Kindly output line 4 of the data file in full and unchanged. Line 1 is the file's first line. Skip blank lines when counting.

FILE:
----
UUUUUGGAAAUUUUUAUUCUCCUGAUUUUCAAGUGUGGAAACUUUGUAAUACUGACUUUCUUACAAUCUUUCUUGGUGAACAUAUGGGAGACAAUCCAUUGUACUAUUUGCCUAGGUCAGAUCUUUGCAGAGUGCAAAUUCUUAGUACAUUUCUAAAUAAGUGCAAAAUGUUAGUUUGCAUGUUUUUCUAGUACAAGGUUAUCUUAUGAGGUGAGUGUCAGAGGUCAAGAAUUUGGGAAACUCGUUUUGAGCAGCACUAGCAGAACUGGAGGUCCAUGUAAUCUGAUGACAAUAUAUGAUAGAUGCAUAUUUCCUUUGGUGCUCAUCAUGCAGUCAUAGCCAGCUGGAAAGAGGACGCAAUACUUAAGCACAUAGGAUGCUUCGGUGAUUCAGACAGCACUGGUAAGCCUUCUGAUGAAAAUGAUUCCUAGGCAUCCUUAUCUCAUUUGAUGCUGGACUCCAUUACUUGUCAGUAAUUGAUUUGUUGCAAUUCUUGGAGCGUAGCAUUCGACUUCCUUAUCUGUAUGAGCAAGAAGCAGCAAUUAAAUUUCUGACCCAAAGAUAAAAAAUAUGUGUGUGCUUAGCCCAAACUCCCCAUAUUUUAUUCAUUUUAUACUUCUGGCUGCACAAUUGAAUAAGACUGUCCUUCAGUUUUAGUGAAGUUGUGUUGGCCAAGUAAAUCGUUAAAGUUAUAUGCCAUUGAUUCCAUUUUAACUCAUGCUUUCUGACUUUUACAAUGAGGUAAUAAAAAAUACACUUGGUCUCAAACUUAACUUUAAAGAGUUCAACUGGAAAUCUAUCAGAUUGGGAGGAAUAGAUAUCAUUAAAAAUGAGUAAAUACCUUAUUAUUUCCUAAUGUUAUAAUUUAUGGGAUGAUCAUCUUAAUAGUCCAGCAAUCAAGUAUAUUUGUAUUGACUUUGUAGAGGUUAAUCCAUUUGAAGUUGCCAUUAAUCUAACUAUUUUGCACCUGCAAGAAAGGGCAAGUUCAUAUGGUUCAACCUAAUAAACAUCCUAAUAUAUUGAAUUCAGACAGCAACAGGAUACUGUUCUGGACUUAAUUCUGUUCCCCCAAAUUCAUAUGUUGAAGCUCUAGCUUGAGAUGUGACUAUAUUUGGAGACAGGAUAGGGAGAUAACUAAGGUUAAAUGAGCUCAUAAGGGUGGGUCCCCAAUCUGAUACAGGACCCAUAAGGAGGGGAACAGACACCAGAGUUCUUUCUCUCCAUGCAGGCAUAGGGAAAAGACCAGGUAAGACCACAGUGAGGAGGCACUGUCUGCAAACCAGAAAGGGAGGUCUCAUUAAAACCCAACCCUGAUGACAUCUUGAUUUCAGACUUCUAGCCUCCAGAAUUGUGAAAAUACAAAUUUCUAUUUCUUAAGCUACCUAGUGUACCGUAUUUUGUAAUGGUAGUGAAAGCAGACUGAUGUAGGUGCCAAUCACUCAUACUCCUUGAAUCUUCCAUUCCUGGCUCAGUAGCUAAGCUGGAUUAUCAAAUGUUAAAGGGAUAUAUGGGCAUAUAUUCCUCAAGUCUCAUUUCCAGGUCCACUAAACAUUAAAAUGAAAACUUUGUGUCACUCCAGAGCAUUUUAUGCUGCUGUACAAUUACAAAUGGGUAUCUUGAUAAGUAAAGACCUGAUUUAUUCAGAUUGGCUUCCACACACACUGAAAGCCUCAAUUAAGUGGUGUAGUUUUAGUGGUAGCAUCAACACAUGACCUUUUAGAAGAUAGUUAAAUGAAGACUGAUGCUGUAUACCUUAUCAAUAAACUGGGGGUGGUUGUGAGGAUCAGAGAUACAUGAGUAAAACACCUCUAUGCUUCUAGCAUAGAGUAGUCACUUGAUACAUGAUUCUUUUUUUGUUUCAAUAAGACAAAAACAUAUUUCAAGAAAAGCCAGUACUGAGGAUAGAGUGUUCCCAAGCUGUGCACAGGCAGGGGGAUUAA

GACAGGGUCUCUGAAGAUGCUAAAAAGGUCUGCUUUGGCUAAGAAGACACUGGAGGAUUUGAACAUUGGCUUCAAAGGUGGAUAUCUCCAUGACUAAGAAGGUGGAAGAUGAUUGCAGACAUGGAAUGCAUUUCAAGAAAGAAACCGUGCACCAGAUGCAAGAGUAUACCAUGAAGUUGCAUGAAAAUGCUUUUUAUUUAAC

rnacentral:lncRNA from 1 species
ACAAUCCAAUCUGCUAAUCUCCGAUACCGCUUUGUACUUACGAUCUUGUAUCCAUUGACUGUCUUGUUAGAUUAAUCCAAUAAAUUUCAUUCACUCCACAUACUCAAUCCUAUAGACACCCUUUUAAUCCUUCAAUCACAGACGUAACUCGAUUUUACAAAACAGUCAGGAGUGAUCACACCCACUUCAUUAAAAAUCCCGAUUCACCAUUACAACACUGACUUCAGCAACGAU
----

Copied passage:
ACAAUCCAAUCUGCUAAUCUCCGAUACCGCUUUGUACUUACGAUCUUGUAUCCAUUGACUGUCUUGUUAGAUUAAUCCAAUAAAUUUCAUUCACUCCACAUACUCAAUCCUAUAGACACCCUUUUAAUCCUUCAAUCACAGACGUAACUCGAUUUUACAAAACAGUCAGGAGUGAUCACACCCACUUCAUUAAAAAUCCCGAUUCACCAUUACAACACUGACUUCAGCAACGAU